On Now
Coming Up
  • There are no Events to display in this category.

News

Print
RSS

Why signing C.J. Anderson made too much sense not to happen

Posted May 7, 2018

The Panthers needed a complement to Christian McCaffrey. It just so happened a guy who rushed for 1,000 yards last season was available.

Marty Hurney could have just said, “Of course we’re going to add a running back,” but what fun would that have been?

Instead, as the 2018 NFL Draft was wrapping up last month, Carolina's general manager dropped a hard-to-miss hint when a reporter pointed out the Panthers hadn’t addressed their obvious opening for a power back.

“Not so far,” Hurney quipped. “Again, that’s something that we keep looking at and we’ll continue to look at. Every draft is different, and they all break different ways.” 

And this draft broke a way in which the backs Carolina coveted never fell to them and would’ve cost too much to move up to get. Fast forward nine days, and it almost looks like Hurney had a plan. 

Here’s why signing C.J. Anderson was a no-brainer Plan B.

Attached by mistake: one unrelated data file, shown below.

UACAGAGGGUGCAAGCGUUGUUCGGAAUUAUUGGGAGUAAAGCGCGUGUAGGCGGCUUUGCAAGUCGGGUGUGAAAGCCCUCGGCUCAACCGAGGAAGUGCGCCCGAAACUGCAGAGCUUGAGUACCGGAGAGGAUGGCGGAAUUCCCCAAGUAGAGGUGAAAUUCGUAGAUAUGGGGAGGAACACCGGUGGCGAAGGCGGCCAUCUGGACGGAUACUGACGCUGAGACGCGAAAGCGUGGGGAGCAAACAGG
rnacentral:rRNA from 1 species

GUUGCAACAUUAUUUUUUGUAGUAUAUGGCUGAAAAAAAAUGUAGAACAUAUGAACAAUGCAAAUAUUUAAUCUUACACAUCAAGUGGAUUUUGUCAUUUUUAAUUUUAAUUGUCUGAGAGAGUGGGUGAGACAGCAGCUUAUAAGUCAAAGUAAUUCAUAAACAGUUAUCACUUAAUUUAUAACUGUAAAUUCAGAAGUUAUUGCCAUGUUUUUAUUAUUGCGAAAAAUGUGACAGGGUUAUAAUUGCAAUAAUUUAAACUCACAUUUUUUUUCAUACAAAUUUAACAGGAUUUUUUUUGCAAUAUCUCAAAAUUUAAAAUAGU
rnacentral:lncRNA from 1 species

McCaffrey complement 

Christian McCaffrey held up pretty well as a rookie, but he’s not an ideal bell cow in a power run game. The backfield needs a timeshare, and before Monday, the only other experienced backs on the roster were Cameron Artis-Payne and Fozzy Whittaker. Artis-Payne will still have a chance to carve out a bigger role than he had his first three seasons, but the Panthers couldn’t put all their eggs in his basket. 

Enter Anderson. 

The 5-foot-8, 224-pounder has a powerful, downhill running style similar to the departed Jonathan Stewart. But the 27-year-old Anderson is four years younger, has 1,000 fewer carries on his legs and caught 103 passes the past four years. Stewart caught only 57. 

So even though Anderson can, he isn’t just a guy who can run you over. And isn’t that the type of back head coach Ron Rivera described a couple of months ago? 

“I wouldn’t say you need to have a guy like Jonathan. You go back and look at what (Norv Turner) did with LaDainian (Tomlinson), what he had with Frank Gore when he was in San Francisco – he’s had dynamic guys that are multi-faceted,” Rivera said at February’s combine. “They can run the ball inside and outside; they can catch the ball out of the backfield and pass protect.” 

Ah, yes, pass protection – something we almost never talk about when it comes to running backs. Well, according to Pro Football Focus, Anderson ranked No. 1 in the NFL last season in “pass blocking efficiency” with a 97.4 rating – a full two points ahead of the next closest running back. 

Chip on shoulder 

Sure, chip on the shoulder stuff is cliché, but it’s easy to see why Anderson has one. 

A junior college transfer, he went undrafted in 2013 after two seasons at Cal. Twenty-two backs were drafted that year. Only one from the 2013 class has more yards than Anderson (Steelers three-time Pro Bowler Le’Veon Bell.)